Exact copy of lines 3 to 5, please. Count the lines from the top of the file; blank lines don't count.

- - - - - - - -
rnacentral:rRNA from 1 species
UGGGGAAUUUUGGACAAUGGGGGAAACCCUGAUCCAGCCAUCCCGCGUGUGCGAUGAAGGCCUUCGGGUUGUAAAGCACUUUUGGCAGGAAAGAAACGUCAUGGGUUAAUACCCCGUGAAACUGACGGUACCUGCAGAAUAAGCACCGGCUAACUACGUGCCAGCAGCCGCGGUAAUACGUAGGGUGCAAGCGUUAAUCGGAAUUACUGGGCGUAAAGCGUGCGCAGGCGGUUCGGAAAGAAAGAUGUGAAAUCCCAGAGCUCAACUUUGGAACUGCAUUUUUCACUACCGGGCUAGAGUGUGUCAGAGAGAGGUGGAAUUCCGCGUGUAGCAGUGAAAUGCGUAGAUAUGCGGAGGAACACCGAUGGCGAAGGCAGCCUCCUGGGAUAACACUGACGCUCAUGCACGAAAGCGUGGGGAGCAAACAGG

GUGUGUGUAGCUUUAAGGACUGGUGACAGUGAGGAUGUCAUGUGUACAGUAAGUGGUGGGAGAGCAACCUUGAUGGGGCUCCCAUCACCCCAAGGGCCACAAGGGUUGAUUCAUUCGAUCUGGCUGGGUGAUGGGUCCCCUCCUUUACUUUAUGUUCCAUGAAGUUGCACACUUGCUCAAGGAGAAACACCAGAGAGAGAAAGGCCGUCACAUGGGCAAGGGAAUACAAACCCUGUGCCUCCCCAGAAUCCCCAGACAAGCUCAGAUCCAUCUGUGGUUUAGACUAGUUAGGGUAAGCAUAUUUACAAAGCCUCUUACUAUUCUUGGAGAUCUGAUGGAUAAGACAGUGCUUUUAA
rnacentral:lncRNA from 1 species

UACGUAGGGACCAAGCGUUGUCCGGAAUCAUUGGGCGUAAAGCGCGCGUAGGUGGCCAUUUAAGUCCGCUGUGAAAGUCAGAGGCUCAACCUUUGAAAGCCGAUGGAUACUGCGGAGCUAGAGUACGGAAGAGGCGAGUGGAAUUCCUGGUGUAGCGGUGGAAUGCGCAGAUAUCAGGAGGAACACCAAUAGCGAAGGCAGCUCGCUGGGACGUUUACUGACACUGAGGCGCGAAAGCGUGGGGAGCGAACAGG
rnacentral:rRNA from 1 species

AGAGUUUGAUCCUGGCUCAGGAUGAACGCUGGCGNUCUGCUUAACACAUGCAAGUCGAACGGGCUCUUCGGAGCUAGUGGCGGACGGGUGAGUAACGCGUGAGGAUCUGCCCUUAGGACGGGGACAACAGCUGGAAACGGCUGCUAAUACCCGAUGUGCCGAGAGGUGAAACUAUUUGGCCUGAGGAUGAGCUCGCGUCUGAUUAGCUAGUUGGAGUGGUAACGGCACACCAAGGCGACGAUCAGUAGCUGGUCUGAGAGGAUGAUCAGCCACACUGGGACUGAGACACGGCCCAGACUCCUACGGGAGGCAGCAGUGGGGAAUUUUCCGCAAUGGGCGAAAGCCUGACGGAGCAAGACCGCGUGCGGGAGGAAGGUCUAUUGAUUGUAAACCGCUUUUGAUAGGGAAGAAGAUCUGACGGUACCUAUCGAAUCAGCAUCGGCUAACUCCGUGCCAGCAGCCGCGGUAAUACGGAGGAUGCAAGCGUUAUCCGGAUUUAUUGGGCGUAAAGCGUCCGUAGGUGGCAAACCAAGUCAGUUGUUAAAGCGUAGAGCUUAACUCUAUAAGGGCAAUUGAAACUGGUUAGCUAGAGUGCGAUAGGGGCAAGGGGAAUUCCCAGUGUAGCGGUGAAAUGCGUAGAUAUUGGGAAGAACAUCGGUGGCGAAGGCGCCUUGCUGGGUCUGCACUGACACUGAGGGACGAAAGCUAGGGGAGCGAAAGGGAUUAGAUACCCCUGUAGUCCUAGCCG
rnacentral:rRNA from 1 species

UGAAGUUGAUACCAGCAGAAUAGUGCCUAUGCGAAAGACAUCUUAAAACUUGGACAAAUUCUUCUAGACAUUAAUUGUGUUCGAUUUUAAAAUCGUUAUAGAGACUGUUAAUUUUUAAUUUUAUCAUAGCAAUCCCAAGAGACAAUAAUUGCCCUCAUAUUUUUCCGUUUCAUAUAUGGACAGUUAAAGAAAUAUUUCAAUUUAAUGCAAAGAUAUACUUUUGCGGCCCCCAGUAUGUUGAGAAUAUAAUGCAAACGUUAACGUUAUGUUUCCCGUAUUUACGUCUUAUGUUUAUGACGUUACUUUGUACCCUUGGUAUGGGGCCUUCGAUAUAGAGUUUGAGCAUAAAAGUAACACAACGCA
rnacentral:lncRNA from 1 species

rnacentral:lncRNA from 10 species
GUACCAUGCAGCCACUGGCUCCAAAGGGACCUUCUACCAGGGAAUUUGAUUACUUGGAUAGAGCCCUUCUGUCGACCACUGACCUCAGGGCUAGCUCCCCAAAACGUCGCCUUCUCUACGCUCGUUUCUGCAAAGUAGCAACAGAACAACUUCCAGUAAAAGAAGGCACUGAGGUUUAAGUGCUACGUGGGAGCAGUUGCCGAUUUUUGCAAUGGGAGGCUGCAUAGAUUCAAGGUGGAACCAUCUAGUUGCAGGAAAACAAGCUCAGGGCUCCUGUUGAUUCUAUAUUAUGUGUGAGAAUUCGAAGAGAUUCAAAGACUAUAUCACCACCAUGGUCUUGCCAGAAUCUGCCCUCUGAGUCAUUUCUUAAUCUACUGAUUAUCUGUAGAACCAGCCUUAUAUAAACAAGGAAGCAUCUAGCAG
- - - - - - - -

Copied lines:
GUGUGUGUAGCUUUAAGGACUGGUGACAGUGAGGAUGUCAUGUGUACAGUAAGUGGUGGGAGAGCAACCUUGAUGGGGCUCCCAUCACCCCAAGGGCCACAAGGGUUGAUUCAUUCGAUCUGGCUGGGUGAUGGGUCCCCUCCUUUACUUUAUGUUCCAUGAAGUUGCACACUUGCUCAAGGAGAAACACCAGAGAGAGAAAGGCCGUCACAUGGGCAAGGGAAUACAAACCCUGUGCCUCCCCAGAAUCCCCAGACAAGCUCAGAUCCAUCUGUGGUUUAGACUAGUUAGGGUAAGCAUAUUUACAAAGCCUCUUACUAUUCUUGGAGAUCUGAUGGAUAAGACAGUGCUUUUAA
rnacentral:lncRNA from 1 species

UACGUAGGGACCAAGCGUUGUCCGGAAUCAUUGGGCGUAAAGCGCGCGUAGGUGGCCAUUUAAGUCCGCUGUGAAAGUCAGAGGCUCAACCUUUGAAAGCCGAUGGAUACUGCGGAGCUAGAGUACGGAAGAGGCGAGUGGAAUUCCUGGUGUAGCGGUGGAAUGCGCAGAUAUCAGGAGGAACACCAAUAGCGAAGGCAGCUCGCUGGGACGUUUACUGACACUGAGGCGCGAAAGCGUGGGGAGCGAACAGG